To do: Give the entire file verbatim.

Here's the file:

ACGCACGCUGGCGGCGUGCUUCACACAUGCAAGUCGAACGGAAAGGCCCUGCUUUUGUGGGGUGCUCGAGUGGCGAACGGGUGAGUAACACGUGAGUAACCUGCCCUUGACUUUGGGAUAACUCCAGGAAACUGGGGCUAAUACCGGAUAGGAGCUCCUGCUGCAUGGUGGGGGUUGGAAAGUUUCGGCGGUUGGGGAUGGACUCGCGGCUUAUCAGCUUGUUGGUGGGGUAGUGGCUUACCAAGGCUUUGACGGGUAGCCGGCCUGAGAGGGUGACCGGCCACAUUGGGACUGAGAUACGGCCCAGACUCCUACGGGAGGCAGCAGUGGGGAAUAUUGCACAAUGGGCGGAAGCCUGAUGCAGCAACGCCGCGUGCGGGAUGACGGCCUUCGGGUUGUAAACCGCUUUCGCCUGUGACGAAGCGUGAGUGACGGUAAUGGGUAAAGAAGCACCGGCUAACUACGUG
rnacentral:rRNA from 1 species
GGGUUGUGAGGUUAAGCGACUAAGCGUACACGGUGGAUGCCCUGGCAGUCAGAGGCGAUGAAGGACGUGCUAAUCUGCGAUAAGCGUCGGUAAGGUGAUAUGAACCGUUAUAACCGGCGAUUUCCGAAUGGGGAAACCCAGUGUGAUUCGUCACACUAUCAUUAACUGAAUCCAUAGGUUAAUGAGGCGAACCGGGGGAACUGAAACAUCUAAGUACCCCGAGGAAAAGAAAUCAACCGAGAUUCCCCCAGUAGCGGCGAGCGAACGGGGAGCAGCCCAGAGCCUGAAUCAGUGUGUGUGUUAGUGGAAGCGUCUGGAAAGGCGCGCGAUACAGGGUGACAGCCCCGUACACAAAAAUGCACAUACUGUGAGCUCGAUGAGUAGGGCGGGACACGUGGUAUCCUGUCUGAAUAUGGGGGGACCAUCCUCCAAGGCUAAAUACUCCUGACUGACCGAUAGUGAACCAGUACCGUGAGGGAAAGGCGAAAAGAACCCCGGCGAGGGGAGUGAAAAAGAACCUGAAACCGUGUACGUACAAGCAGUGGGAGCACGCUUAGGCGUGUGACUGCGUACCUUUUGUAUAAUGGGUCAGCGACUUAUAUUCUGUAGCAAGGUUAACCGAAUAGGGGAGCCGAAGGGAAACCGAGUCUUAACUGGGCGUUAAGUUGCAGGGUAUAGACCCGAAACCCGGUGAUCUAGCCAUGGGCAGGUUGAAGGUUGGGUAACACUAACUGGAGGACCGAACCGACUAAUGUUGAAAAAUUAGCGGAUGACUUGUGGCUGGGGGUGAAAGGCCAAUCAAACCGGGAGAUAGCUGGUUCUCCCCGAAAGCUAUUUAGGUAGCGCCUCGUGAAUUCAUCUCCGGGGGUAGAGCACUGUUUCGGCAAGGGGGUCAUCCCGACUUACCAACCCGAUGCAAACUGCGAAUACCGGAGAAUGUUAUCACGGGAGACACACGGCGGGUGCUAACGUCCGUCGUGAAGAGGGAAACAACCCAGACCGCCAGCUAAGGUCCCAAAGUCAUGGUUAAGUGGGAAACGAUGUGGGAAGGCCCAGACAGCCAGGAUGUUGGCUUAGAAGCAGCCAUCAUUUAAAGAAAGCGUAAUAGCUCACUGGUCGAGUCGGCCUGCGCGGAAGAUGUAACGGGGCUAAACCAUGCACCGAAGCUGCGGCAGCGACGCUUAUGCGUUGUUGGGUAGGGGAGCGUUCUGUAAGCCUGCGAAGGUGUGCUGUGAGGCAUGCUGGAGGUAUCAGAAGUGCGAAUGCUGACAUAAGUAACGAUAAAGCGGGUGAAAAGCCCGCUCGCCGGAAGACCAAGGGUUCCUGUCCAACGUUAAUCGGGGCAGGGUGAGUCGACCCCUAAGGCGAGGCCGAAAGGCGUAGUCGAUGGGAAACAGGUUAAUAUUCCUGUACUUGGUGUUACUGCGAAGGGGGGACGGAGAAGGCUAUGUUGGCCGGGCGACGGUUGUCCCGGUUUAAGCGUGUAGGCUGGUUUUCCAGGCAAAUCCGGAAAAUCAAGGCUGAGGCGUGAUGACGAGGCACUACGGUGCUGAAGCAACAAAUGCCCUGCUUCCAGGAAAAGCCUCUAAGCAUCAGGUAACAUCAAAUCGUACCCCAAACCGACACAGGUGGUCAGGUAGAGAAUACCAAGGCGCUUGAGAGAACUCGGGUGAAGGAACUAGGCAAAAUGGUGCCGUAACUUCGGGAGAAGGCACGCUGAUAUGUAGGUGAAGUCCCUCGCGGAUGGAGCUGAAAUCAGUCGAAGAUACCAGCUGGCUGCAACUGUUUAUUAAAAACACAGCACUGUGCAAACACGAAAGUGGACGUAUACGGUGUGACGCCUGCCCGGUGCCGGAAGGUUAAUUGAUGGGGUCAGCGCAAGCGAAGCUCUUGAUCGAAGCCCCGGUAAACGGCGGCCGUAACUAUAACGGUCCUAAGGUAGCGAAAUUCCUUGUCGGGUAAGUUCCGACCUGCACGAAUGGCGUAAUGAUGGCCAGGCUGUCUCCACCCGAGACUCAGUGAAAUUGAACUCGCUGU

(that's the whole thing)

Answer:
ACGCACGCUGGCGGCGUGCUUCACACAUGCAAGUCGAACGGAAAGGCCCUGCUUUUGUGGGGUGCUCGAGUGGCGAACGGGUGAGUAACACGUGAGUAACCUGCCCUUGACUUUGGGAUAACUCCAGGAAACUGGGGCUAAUACCGGAUAGGAGCUCCUGCUGCAUGGUGGGGGUUGGAAAGUUUCGGCGGUUGGGGAUGGACUCGCGGCUUAUCAGCUUGUUGGUGGGGUAGUGGCUUACCAAGGCUUUGACGGGUAGCCGGCCUGAGAGGGUGACCGGCCACAUUGGGACUGAGAUACGGCCCAGACUCCUACGGGAGGCAGCAGUGGGGAAUAUUGCACAAUGGGCGGAAGCCUGAUGCAGCAACGCCGCGUGCGGGAUGACGGCCUUCGGGUUGUAAACCGCUUUCGCCUGUGACGAAGCGUGAGUGACGGUAAUGGGUAAAGAAGCACCGGCUAACUACGUG
rnacentral:rRNA from 1 species
GGGUUGUGAGGUUAAGCGACUAAGCGUACACGGUGGAUGCCCUGGCAGUCAGAGGCGAUGAAGGACGUGCUAAUCUGCGAUAAGCGUCGGUAAGGUGAUAUGAACCGUUAUAACCGGCGAUUUCCGAAUGGGGAAACCCAGUGUGAUUCGUCACACUAUCAUUAACUGAAUCCAUAGGUUAAUGAGGCGAACCGGGGGAACUGAAACAUCUAAGUACCCCGAGGAAAAGAAAUCAACCGAGAUUCCCCCAGUAGCGGCGAGCGAACGGGGAGCAGCCCAGAGCCUGAAUCAGUGUGUGUGUUAGUGGAAGCGUCUGGAAAGGCGCGCGAUACAGGGUGACAGCCCCGUACACAAAAAUGCACAUACUGUGAGCUCGAUGAGUAGGGCGGGACACGUGGUAUCCUGUCUGAAUAUGGGGGGACCAUCCUCCAAGGCUAAAUACUCCUGACUGACCGAUAGUGAACCAGUACCGUGAGGGAAAGGCGAAAAGAACCCCGGCGAGGGGAGUGAAAAAGAACCUGAAACCGUGUACGUACAAGCAGUGGGAGCACGCUUAGGCGUGUGACUGCGUACCUUUUGUAUAAUGGGUCAGCGACUUAUAUUCUGUAGCAAGGUUAACCGAAUAGGGGAGCCGAAGGGAAACCGAGUCUUAACUGGGCGUUAAGUUGCAGGGUAUAGACCCGAAACCCGGUGAUCUAGCCAUGGGCAGGUUGAAGGUUGGGUAACACUAACUGGAGGACCGAACCGACUAAUGUUGAAAAAUUAGCGGAUGACUUGUGGCUGGGGGUGAAAGGCCAAUCAAACCGGGAGAUAGCUGGUUCUCCCCGAAAGCUAUUUAGGUAGCGCCUCGUGAAUUCAUCUCCGGGGGUAGAGCACUGUUUCGGCAAGGGGGUCAUCCCGACUUACCAACCCGAUGCAAACUGCGAAUACCGGAGAAUGUUAUCACGGGAGACACACGGCGGGUGCUAACGUCCGUCGUGAAGAGGGAAACAACCCAGACCGCCAGCUAAGGUCCCAAAGUCAUGGUUAAGUGGGAAACGAUGUGGGAAGGCCCAGACAGCCAGGAUGUUGGCUUAGAAGCAGCCAUCAUUUAAAGAAAGCGUAAUAGCUCACUGGUCGAGUCGGCCUGCGCGGAAGAUGUAACGGGGCUAAACCAUGCACCGAAGCUGCGGCAGCGACGCUUAUGCGUUGUUGGGUAGGGGAGCGUUCUGUAAGCCUGCGAAGGUGUGCUGUGAGGCAUGCUGGAGGUAUCAGAAGUGCGAAUGCUGACAUAAGUAACGAUAAAGCGGGUGAAAAGCCCGCUCGCCGGAAGACCAAGGGUUCCUGUCCAACGUUAAUCGGGGCAGGGUGAGUCGACCCCUAAGGCGAGGCCGAAAGGCGUAGUCGAUGGGAAACAGGUUAAUAUUCCUGUACUUGGUGUUACUGCGAAGGGGGGACGGAGAAGGCUAUGUUGGCCGGGCGACGGUUGUCCCGGUUUAAGCGUGUAGGCUGGUUUUCCAGGCAAAUCCGGAAAAUCAAGGCUGAGGCGUGAUGACGAGGCACUACGGUGCUGAAGCAACAAAUGCCCUGCUUCCAGGAAAAGCCUCUAAGCAUCAGGUAACAUCAAAUCGUACCCCAAACCGACACAGGUGGUCAGGUAGAGAAUACCAAGGCGCUUGAGAGAACUCGGGUGAAGGAACUAGGCAAAAUGGUGCCGUAACUUCGGGAGAAGGCACGCUGAUAUGUAGGUGAAGUCCCUCGCGGAUGGAGCUGAAAUCAGUCGAAGAUACCAGCUGGCUGCAACUGUUUAUUAAAAACACAGCACUGUGCAAACACGAAAGUGGACGUAUACGGUGUGACGCCUGCCCGGUGCCGGAAGGUUAAUUGAUGGGGUCAGCGCAAGCGAAGCUCUUGAUCGAAGCCCCGGUAAACGGCGGCCGUAACUAUAACGGUCCUAAGGUAGCGAAAUUCCUUGUCGGGUAAGUUCCGACCUGCACGAAUGGCGUAAUGAUGGCCAGGCUGUCUCCACCCGAGACUCAGUGAAAUUGAACUCGCUGU